If you’ve ever driven by a farm or been around donkeys, you’ll have noticed that they sometimes sleep standing up. But how long do donkeys sleep for? Donkeys need about three total hours of sleep per day and thirty minutes of that needs to be REM, or Rapid Eye Movement sleep, so that the donkey can recharge. The three hours of sleep that donkeys need don’t necessarily need to be consecutive, one right after the other. Instead, donkeys take naps of varying lengths throughout a 24-hour period to reach their necessary three hours of sleep per day.
How do donkeys sleep and how long do donkeys sleep?
Just like humans have their preferred way of sleeping, donkeys also have their favorite ways of sleeping. Most often, donkeys choose to sleep standing up. In this position, they are able to get a light sleep while still maintaining some degree of awareness of their surroundings. As prey animals, they must maintain vigilance, so they don’t get snuck up on by predators. A donkey standing and sleeping could sense the danger and flee or fight very quickly if a predator were to approach.
Only when they feel they are in a completely safe area and are very tired will a donkey lay down to sleep. Doing so leaves them almost completely vulnerable but obtaining a deep sleep is a necessary part of life. When lying down, donkeys are able to get that thirty minutes of the deep REM sleep that they need. Some donkeys will lay on their sides, while others like to lay on their chests and bellies. Some donkeys like both. In order to function at their best, donkeys will need to sleep for at least three hours while at least 30 minutes of REM sleep.
How do donkeys sleep standing up?
In order to sleep standing up, donkeys lock their legs in a way that allows their muscles to relax and disengage. Other animals like horses, mules and even elephants do this too. The concept is known as a “stay apparatus,” which allows the joints in the animal’s legs to lock in place, preventing the animal from falling over when it falls asleep. Donkeys have the ability to sleep lightly while standing up to keep themselves safe from predators and are ready to run or fight at a moment’s notice.
If a donkey were to enter REM sleep while standing, the stay apparatus would fail since animals can’t control their muscles in REM. To ensure they don’t enter REM sleep while standing, donkeys have developed the ability to sleep very lightly and will never go into REM without fully laying down and fully relaxing their bodies. No one wants to see a sleeping donkey fall over.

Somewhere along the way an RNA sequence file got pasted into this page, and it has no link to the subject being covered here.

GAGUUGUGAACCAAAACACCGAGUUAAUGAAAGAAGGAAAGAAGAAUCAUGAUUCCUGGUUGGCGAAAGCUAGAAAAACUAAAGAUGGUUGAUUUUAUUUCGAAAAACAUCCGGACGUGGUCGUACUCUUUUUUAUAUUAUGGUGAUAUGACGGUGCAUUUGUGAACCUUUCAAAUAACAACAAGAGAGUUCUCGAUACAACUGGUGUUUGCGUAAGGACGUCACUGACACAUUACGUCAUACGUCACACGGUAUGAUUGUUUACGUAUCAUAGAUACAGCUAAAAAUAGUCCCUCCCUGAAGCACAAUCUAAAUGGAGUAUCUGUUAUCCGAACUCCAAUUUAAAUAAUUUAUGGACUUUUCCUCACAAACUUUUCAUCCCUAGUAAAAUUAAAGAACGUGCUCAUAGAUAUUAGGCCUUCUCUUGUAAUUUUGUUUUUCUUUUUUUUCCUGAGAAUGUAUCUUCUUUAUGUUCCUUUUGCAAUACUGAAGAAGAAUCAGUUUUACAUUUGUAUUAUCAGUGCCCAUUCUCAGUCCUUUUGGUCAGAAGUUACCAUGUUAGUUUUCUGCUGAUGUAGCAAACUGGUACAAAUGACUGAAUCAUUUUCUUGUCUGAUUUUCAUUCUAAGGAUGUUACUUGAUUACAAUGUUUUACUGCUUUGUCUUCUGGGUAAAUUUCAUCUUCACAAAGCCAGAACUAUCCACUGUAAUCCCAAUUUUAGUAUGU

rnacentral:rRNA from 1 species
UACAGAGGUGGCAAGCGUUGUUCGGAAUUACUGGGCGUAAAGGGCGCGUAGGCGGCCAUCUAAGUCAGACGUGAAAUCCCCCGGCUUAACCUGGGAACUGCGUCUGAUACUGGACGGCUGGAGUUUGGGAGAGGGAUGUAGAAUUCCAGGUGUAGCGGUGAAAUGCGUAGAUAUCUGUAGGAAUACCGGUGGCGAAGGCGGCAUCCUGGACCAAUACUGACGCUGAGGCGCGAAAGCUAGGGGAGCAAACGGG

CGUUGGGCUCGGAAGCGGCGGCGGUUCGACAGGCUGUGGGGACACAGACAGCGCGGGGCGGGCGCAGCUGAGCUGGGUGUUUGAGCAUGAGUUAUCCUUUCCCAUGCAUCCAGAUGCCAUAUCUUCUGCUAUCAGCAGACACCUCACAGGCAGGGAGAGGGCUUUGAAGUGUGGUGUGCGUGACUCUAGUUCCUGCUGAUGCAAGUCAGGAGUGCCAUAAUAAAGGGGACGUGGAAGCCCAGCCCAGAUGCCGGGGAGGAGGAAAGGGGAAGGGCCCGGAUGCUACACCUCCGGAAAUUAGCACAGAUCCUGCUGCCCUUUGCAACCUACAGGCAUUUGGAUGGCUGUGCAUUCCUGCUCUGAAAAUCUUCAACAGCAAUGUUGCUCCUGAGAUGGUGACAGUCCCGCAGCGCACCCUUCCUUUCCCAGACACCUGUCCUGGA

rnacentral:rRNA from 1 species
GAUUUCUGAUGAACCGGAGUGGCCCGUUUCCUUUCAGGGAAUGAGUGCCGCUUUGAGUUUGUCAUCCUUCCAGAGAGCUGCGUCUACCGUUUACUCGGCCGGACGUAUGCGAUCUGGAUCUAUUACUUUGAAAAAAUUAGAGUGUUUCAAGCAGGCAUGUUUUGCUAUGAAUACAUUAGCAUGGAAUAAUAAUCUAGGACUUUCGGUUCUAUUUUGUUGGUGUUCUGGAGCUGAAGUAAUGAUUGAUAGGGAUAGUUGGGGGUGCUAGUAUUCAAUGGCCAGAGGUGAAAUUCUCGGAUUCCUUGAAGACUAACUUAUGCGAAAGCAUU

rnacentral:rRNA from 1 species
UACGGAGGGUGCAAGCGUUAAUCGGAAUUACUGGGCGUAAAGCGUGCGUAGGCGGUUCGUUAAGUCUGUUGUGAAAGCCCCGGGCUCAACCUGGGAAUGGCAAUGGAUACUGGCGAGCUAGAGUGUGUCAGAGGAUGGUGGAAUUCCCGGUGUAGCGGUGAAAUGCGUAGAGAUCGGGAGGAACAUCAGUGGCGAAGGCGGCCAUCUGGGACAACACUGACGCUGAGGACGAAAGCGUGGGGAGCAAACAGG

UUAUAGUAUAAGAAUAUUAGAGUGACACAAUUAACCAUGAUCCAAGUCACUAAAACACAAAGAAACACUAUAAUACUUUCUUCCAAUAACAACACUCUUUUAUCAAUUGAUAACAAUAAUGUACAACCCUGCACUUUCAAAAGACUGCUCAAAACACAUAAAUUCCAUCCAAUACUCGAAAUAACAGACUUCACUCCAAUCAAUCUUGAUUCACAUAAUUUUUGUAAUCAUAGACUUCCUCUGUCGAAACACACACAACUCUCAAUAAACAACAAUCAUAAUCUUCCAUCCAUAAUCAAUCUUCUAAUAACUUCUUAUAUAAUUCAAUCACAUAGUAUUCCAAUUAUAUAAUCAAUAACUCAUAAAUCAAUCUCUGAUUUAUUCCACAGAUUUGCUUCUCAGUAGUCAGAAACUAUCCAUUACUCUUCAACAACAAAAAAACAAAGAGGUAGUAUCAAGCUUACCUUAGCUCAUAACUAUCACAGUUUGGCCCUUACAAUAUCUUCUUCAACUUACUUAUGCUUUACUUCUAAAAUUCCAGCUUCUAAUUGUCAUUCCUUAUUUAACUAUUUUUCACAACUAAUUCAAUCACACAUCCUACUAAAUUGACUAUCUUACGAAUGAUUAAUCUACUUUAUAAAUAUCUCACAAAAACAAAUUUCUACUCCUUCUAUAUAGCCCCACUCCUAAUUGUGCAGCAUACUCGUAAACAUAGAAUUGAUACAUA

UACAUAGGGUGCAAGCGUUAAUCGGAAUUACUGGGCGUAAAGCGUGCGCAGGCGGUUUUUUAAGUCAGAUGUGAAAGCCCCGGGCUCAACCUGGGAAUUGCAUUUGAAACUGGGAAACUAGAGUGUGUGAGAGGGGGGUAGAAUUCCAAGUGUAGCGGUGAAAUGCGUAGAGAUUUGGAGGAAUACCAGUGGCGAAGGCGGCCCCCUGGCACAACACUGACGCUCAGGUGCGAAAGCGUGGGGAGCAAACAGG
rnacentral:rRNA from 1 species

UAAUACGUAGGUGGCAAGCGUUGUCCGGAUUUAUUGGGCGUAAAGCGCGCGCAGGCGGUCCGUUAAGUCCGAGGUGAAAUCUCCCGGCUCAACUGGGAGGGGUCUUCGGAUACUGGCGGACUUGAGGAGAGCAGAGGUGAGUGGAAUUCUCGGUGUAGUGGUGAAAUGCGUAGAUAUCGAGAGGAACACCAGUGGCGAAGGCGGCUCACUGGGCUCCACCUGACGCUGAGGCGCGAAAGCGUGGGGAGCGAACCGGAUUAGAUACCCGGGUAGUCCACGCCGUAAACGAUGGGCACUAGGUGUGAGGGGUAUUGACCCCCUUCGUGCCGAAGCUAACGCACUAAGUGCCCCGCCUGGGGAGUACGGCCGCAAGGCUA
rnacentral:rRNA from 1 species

How to ensure donkeys will feel safe while sleeping?
Sleep is an essential part of life, so it is incredibly important for owners to provide a safe and comfortable home for donkeys. Chances are, even if they are completely safe and will never be attacked, a donkey will still tend to sleep standing up most of the time. They simply don’t require as much deep sleep as we do. However, that is not to say that donkeys should always feel fearful or like they need to defend themselves from potential predators.
Creating a fenced area for your donkey that is as predator-proof as possible will help ensure that the donkey feels safe. While nothing is entirely predator-proof, a donkey should be able to feel secure in knowing that there is a barrier between itself and the outside world. In addition to proper fencing for the pasture, donkeys also need a shelter that protects them from bad weather and predators. Ideally, this would be a barn or pole shed. Three-sided lean-tos or sheds are also an option but don’t provide as much security as a fully enclosed shelter. If you choose to use a three-sided shelter, make sure that the opening faces away from the prevailing direction of the wind in your area.
The inside of the shelter should be cushioned to help absorb any shock on the animals’ joints from their weight. It is also a good idea to make it as slip resistant as possible to avoid injury. For a concrete or hard-surface floor, you’ll need to obtain thick rubber mats to cushion it. If you have a dirt floor, a thick layer of straw or shavings should do the trick instead.
Since donkeys are such social animals, having two donkeys will ensure that they get the best possible sleep. With the presence of another donkey, the donkey will have an additional set of eyes and ears available to sound an alarm for any danger. Some pairs of donkeys will even take turns sleeping. One will stay awake and on guard, so to speak, while the other sleeps, and later they will switch.
When do donkeys sleep?
Donkeys sleep at just about any time of day. They don’t generally sleep in long segments like humans have come to do, so they can obtain the sleep they need each day at any time during a 24-hour period. They will take a snooze when the mood strikes them. Their sleep could last for five minutes or for a couple of hours, depending on the need of the donkey and the type of environment it is in. Donkeys will typically adjust to your schedule and the schedule of the other animals on the farm, though. If all the animals enter the barn right before nightfall, donkeys will too. And generally, the barn or pole shed is where they will most likely be able to lay down, relax, and get to the REM stage of sleep that they need.
Donkeys need to get about three total hours of sleep in any twenty-four-hour or one-day period. Thirty minutes out of these three hours of sleep needs to be REM sleep- the time when the donkey is lying down so they can get to that deeper, essential stage of sleep. The hours of sleep don’t need to be consecutive, meaning that the donkey could take a series of 20 to 30-minute naps throughout the day and still get the necessary amount of sleep it needs to function. Donkeys primarily sleep standing up but to get to a REM state of sleep, they do lay down to sleep so that their bodies can completely relax.